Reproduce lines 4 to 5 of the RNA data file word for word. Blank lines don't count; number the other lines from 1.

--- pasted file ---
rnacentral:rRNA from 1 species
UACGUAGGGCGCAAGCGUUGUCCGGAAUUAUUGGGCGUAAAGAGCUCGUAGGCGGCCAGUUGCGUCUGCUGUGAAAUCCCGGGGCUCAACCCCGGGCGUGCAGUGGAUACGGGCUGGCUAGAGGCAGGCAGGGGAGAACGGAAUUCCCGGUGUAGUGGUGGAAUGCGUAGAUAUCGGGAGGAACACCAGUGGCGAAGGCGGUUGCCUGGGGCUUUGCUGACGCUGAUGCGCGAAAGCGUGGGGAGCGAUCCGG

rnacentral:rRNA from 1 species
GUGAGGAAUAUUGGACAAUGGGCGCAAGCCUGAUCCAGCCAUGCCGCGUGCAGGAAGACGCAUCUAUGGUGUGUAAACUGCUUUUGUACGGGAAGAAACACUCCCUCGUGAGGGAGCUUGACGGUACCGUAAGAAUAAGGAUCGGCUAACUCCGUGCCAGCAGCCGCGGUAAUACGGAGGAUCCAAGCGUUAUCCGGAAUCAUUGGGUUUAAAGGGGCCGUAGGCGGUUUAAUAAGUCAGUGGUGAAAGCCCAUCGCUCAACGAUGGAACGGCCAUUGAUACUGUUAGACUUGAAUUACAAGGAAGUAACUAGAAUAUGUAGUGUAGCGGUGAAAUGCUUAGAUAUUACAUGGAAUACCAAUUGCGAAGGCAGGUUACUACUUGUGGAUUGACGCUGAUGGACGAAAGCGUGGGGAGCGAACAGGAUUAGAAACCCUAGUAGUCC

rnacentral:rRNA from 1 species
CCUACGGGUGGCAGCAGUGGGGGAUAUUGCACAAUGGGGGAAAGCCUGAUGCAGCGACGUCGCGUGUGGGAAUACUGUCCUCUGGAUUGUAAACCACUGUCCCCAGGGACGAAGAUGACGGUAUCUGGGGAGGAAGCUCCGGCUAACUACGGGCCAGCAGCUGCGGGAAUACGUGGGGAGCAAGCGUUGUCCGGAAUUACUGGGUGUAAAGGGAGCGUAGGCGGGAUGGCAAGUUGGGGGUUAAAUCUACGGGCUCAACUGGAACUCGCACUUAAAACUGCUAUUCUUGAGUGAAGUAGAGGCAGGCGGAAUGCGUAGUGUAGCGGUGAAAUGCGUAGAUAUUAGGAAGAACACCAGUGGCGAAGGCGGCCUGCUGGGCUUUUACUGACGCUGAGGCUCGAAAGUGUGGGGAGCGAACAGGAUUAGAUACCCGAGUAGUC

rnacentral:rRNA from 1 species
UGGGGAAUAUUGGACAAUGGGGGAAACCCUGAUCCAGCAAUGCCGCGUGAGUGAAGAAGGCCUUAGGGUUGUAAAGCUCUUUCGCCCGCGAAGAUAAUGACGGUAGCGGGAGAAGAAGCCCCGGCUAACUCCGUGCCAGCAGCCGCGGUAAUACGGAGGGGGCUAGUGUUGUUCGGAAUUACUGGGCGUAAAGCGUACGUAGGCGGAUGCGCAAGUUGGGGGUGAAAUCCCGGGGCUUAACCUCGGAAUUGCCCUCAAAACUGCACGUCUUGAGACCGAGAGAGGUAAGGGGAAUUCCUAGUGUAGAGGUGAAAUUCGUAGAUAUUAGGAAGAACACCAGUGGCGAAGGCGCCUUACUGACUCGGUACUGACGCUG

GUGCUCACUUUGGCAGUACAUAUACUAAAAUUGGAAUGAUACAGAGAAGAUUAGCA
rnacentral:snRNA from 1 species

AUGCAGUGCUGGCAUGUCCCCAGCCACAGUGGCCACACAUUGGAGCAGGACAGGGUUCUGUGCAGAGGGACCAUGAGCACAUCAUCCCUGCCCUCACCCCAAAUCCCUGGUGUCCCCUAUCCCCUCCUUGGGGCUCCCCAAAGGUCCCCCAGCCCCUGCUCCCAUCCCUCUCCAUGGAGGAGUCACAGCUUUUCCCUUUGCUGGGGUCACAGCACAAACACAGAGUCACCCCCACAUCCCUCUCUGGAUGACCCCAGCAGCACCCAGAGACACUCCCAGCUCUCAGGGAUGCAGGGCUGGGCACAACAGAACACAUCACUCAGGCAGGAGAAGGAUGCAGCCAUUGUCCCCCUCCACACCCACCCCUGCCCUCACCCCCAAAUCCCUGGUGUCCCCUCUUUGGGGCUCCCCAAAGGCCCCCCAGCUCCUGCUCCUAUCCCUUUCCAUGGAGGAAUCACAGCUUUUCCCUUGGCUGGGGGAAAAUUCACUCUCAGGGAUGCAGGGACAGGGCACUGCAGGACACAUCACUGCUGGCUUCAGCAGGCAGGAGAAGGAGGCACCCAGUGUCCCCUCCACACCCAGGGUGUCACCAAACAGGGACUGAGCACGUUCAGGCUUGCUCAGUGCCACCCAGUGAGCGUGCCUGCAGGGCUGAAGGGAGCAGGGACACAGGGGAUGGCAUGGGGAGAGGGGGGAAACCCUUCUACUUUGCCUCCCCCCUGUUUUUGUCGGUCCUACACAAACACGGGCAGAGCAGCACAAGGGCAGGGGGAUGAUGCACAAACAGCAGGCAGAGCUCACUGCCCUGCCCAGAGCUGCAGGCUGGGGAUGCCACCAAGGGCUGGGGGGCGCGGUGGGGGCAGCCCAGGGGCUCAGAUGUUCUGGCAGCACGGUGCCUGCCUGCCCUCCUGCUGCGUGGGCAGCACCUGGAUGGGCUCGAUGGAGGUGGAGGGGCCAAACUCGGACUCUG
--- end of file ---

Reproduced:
GUGAGGAAUAUUGGACAAUGGGCGCAAGCCUGAUCCAGCCAUGCCGCGUGCAGGAAGACGCAUCUAUGGUGUGUAAACUGCUUUUGUACGGGAAGAAACACUCCCUCGUGAGGGAGCUUGACGGUACCGUAAGAAUAAGGAUCGGCUAACUCCGUGCCAGCAGCCGCGGUAAUACGGAGGAUCCAAGCGUUAUCCGGAAUCAUUGGGUUUAAAGGGGCCGUAGGCGGUUUAAUAAGUCAGUGGUGAAAGCCCAUCGCUCAACGAUGGAACGGCCAUUGAUACUGUUAGACUUGAAUUACAAGGAAGUAACUAGAAUAUGUAGUGUAGCGGUGAAAUGCUUAGAUAUUACAUGGAAUACCAAUUGCGAAGGCAGGUUACUACUUGUGGAUUGACGCUGAUGGACGAAAGCGUGGGGAGCGAACAGGAUUAGAAACCCUAGUAGUCC

rnacentral:rRNA from 1 species